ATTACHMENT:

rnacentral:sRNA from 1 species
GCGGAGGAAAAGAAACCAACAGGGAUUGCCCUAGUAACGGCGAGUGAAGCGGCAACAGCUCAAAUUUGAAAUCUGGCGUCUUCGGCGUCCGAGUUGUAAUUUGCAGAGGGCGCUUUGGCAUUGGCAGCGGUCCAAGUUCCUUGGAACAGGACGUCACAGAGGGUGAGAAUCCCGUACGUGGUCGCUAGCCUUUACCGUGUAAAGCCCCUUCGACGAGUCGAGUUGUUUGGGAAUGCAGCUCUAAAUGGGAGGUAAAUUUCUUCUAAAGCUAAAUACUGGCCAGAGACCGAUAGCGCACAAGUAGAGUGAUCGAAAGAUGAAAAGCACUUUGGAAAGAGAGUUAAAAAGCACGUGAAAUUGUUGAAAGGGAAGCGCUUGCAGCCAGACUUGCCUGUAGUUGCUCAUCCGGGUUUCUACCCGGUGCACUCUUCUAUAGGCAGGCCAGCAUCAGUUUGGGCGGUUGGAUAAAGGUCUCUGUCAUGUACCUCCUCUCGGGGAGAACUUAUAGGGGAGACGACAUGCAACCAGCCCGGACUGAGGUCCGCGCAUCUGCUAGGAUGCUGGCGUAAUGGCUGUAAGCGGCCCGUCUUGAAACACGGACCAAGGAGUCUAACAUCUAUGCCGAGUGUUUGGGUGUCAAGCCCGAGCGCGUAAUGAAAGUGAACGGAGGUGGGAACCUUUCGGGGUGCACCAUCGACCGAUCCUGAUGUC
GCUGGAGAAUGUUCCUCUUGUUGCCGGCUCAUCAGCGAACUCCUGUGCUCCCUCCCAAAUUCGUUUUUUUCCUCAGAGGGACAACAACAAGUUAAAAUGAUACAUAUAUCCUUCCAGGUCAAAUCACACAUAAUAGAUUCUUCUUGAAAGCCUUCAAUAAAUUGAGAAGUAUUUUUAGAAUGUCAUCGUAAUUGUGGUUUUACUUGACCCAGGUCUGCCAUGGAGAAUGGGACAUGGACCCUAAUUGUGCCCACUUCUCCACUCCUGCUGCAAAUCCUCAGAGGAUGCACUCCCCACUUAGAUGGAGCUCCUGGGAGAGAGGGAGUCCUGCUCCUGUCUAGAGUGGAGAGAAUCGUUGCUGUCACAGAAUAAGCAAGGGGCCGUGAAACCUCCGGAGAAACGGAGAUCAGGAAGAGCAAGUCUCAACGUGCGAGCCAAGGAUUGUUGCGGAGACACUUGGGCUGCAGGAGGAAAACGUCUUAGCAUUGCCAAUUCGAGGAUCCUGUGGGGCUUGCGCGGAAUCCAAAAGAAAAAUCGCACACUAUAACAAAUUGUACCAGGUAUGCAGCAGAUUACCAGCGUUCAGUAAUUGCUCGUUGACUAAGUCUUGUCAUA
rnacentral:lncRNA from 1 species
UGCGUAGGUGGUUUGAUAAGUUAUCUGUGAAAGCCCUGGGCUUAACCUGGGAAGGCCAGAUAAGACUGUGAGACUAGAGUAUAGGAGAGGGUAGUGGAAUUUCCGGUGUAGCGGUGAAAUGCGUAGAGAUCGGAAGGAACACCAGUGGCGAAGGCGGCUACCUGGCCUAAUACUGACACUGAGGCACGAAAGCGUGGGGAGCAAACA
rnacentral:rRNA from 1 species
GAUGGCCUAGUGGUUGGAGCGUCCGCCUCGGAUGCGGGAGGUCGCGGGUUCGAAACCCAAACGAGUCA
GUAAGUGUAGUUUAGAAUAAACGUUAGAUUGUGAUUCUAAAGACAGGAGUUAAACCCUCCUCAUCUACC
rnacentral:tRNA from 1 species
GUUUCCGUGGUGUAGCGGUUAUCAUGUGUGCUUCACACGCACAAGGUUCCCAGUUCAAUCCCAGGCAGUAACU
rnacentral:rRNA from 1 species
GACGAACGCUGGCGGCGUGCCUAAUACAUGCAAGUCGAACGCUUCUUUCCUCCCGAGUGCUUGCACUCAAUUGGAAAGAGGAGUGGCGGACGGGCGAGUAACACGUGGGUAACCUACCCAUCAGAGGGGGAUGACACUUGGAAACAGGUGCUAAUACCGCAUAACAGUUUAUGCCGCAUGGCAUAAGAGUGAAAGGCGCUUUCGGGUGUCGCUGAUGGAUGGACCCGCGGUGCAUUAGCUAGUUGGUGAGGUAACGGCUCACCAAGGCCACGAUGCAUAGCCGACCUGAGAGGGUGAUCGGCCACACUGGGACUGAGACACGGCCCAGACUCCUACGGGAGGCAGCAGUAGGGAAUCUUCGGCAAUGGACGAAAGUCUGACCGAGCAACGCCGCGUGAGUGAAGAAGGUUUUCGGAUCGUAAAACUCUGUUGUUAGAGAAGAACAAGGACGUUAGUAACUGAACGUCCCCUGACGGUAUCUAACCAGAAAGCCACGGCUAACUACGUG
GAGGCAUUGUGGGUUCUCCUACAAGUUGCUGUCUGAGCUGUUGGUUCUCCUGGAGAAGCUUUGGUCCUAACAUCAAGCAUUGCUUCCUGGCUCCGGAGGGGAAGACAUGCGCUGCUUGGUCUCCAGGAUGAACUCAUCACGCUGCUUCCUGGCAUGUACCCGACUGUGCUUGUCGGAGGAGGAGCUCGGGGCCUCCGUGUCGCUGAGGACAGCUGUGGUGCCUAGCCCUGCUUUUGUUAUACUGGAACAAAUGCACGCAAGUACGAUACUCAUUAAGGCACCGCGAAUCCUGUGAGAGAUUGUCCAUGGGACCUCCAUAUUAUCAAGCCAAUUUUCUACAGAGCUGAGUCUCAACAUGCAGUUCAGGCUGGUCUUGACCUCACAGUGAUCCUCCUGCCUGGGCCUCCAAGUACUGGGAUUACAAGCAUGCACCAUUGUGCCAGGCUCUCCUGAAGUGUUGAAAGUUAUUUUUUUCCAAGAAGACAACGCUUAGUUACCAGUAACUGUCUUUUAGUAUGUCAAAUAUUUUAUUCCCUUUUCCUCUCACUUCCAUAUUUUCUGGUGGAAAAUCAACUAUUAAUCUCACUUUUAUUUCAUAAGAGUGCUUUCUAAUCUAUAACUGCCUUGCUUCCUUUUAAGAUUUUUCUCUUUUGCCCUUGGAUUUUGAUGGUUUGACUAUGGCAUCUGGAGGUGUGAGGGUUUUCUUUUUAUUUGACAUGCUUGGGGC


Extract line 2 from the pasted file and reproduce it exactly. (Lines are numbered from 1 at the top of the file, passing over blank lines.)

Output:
GCGGAGGAAAAGAAACCAACAGGGAUUGCCCUAGUAACGGCGAGUGAAGCGGCAACAGCUCAAAUUUGAAAUCUGGCGUCUUCGGCGUCCGAGUUGUAAUUUGCAGAGGGCGCUUUGGCAUUGGCAGCGGUCCAAGUUCCUUGGAACAGGACGUCACAGAGGGUGAGAAUCCCGUACGUGGUCGCUAGCCUUUACCGUGUAAAGCCCCUUCGACGAGUCGAGUUGUUUGGGAAUGCAGCUCUAAAUGGGAGGUAAAUUUCUUCUAAAGCUAAAUACUGGCCAGAGACCGAUAGCGCACAAGUAGAGUGAUCGAAAGAUGAAAAGCACUUUGGAAAGAGAGUUAAAAAGCACGUGAAAUUGUUGAAAGGGAAGCGCUUGCAGCCAGACUUGCCUGUAGUUGCUCAUCCGGGUUUCUACCCGGUGCACUCUUCUAUAGGCAGGCCAGCAUCAGUUUGGGCGGUUGGAUAAAGGUCUCUGUCAUGUACCUCCUCUCGGGGAGAACUUAUAGGGGAGACGACAUGCAACCAGCCCGGACUGAGGUCCGCGCAUCUGCUAGGAUGCUGGCGUAAUGGCUGUAAGCGGCCCGUCUUGAAACACGGACCAAGGAGUCUAACAUCUAUGCCGAGUGUUUGGGUGUCAAGCCCGAGCGCGUAAUGAAAGUGAACGGAGGUGGGAACCUUUCGGGGUGCACCAUCGACCGAUCCUGAUGUC